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All on a Mardi Gras Day 

Letting the traffic push you away from the tourists till you end up on Franklin, driving a couple of blocks and finding a spot on the mist-sprayed street. Peering through the bars of the iron mask -- good costumes invariably mean poor visibility -- picking out the front of a house thoroughly soaked in Carnival colors and decorations. Flanking the home front, a pair of leafless cypress, struggling to stand up straight, curbside in a cement sea, each bearing the amputee scars where a limb wanted to reach for the street.

This is it, the true Mardi Gras. Far from the television cameras and tourist gawks, the real deal.

Outside the iron mask, the noises swarm like bees trying to get inside the hive all at once and sounding like a radio dial being spun. A few doors down, there are a couple of guys loafing on the porch with some loud Latin music coming from somewhere. Behind them, in the doorway, a couple standing in the middle of lust, she with her skirt hiked up around her hips.

Shuffling along from the back apartment of a corner bar, a guy with dyed hair and a cigar way too big for his face stops to offer use of a bathroom and drinks and sandwiches.

And down the street, the corner of Royal, the bus named Franklin working its way through knots of people dressed like Dorothy and the Good Witch or Spiderman, inching around the corner. Pressed against the shaded glass of the bus window, a small girl standing on the seat, arms spread wide and fanned fingers seeking to touch the happiness outside while her big eyes slowly fill with the realization that the bus is moving on.

Catty-cornered are Big Daddy's, an earthy gay barroom, and Flora's, an ersatz bohemian coffee hole, and pressed between the two places, people like this: the dwarf with the magician hat and cape and the bright blue bikini. A guy blowing a trumpet with a 2-year-old backpacking along. The silverhaired old guy playing "The Saints" on the bagpipes. A young guy dressed as Gandhi, eating a dripping chili dog.

All them and those who smile while watching, pushing to get into some kind of a soul-wash and return with a life sweetened, a life refreshed, to a city that is a yardbird, but on this day becomes a fanned peacock.

Just down Royal from the Teamster's Hall, framed in an open door, the image of an old and haggard woman propped up in bed to blankly watch the people. A passerby stops to salute her with the eternal cry of Fat Tuesday: "He-ee-y! Mardi Graw!" And she smiles wanly and maybe thinks about it for a moment and lifts her withered, quivering arm over her head in a triumphant frieze.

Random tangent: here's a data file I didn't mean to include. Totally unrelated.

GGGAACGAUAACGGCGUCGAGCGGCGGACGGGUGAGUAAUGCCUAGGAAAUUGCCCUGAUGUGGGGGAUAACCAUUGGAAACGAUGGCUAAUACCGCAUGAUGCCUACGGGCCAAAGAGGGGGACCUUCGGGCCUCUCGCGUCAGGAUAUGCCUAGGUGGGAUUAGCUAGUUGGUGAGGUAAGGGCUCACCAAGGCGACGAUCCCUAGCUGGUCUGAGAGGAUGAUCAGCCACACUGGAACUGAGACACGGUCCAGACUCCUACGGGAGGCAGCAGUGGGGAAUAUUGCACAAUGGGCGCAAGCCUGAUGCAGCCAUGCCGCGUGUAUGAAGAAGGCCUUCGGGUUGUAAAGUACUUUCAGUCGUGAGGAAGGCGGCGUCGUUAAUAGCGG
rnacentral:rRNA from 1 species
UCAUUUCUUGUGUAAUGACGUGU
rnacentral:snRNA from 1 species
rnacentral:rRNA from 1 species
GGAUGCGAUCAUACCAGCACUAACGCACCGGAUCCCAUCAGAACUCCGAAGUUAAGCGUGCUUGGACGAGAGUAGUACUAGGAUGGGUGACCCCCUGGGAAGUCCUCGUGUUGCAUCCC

Just then comes a thudding thump and all heads swivel toward Elysian Fields and its steady march of iron and petrol, and there is a frozen moment when no one quite comprehends what they have heard or even seen. Then the scene begins to sort itself out: a city bus and an elongated pickup truck, close to the rear of the bus, making the turn onto Royal. Puffs of smoke swirl upward from one or another of the vehicles.

In the time it takes to walk down to the corner, the scene has begun to take shape as a tiny domestic horror. Two or three people have opened the pickup's passenger door, so you can see the front airbag has opened; someone is face down on the seat. The bystanders bend their knees and lift together and bring the woman to the curb, where someone has spread a blanket too small for what it is being asked to do.

The woman from the truck lays there with one arm across her eyes and begins to shake and sob. Already, big bumps on her cheek and head are beginning their lives as bruises.

A drag queen with a well-made, sweet face saunters up. He is splendid in a light dress of sunny yellow and red trim with a big slit up the back and a magnificent head-dress. He hurriedly slips on a look of concern. "Has anyone called 911?" he asks bystanders. Then he looks around thoughtfully and with his gloved hands lifted and curved at the thumbs and forefingers, turns onto the sidewalk and is gone.

Gone and hoping to leave behind -- at least until the time that the courts of Comus and Rex meet -- all reminders of that other side of Carnival, that other end of the arrow from the one with the bright and soft feathers. They are the young guy laying on the wet sidewalks in his own vomit, the college girl passed out in her hotel room far from her credit card, the three kids on the back seat of the overturned pickup truck crying pitifully, tears thinning the blood on their faces.

Queens don't deal with all that. They don't have to. The slit in the back of the tight yellow skirt moving toward the wharves winks over and over again at the little group clustered around the telephone pole near the corner of Elysian Fields.

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